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Because enotes editors can only answer one question per posting, I edited out the second quote you asked about. You may ask about that in a second posting. The reason I selected this one is because this quote is more important to the meaning of the play as a whole and more integral to an understanding of Hamlet's character.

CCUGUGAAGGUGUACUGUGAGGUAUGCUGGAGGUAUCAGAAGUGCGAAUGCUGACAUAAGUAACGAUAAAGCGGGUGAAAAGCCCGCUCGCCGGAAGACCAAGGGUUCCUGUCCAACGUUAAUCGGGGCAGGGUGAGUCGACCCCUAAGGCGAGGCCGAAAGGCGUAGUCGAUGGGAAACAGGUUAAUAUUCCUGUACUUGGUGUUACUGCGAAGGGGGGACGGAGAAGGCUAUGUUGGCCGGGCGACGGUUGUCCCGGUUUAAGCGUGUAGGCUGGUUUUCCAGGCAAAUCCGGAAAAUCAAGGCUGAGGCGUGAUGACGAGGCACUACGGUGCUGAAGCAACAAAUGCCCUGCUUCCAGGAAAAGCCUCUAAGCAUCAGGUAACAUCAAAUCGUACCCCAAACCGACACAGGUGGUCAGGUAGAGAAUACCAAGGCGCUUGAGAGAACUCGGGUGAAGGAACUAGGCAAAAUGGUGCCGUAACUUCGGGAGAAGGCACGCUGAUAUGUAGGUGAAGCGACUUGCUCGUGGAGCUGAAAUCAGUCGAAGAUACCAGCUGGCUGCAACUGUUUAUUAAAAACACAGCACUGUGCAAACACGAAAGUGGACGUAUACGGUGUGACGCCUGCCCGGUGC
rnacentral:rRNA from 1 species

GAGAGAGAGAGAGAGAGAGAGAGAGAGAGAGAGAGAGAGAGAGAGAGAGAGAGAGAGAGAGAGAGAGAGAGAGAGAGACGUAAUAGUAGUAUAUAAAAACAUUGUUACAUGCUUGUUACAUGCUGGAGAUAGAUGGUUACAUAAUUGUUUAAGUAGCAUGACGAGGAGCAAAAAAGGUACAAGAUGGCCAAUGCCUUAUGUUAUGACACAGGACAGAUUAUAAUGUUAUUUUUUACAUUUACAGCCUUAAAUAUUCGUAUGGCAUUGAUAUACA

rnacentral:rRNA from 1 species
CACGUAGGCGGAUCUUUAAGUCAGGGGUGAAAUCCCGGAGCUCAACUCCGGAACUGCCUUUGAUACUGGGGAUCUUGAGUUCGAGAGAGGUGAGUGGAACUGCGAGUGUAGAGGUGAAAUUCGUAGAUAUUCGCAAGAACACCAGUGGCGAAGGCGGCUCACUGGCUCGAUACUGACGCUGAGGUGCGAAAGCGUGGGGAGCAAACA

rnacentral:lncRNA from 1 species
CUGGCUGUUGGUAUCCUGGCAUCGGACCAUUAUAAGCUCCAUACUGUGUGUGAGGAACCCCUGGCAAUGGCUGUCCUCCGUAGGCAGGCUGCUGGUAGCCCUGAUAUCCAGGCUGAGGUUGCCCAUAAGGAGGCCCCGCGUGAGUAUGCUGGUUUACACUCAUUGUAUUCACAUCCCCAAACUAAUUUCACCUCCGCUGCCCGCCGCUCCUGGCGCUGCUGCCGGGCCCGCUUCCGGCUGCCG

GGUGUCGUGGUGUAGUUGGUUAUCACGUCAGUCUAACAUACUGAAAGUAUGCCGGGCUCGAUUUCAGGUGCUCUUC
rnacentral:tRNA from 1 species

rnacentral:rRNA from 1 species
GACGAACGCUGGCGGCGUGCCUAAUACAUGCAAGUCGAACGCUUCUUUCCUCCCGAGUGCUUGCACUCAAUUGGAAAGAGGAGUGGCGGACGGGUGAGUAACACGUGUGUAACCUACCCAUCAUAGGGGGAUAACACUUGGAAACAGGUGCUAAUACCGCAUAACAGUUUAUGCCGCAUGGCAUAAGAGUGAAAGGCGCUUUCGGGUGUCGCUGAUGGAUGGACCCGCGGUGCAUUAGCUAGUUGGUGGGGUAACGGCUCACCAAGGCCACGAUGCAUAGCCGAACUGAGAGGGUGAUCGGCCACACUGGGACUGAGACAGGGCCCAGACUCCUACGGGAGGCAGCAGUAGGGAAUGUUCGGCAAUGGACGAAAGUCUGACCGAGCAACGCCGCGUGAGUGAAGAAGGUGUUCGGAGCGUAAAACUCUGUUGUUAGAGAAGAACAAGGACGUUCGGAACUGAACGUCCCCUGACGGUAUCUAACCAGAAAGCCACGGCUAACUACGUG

This quote comes late in a conversation that Hamlet is having with the grave digger who is preparing Ophelia's grave (unbeknownst to Hamlet). As the grave digger is digging, Hamlet and Horatio are standing there and talking to him about what happens to the human body after death. The beginning of the conversation is somewhat light hearted -- a kind of black humor with puns and jokes. But as the conversation progresses it becomes more serious. Hamlet comes to realize that death is a great equalizer of men and that all men eventually return to dust. This is true of small people and great people such as Caesar and Alexander the Great. Through the course of the conversation, death is becoming more real to Hamlet and ultimately, more personal. This is especially true when the grave digger hands him Yorick's skull and tells Hamlet who it is. Hamlet is literally holding the skull of someone whom he spent time with and loved. Yorick was King Hamlet's court jester when Hamlet was a child and he remembers their time together. There is nothing as personal as that! Hamlet ultimately realizes that everyone is dust and to dust we all return.
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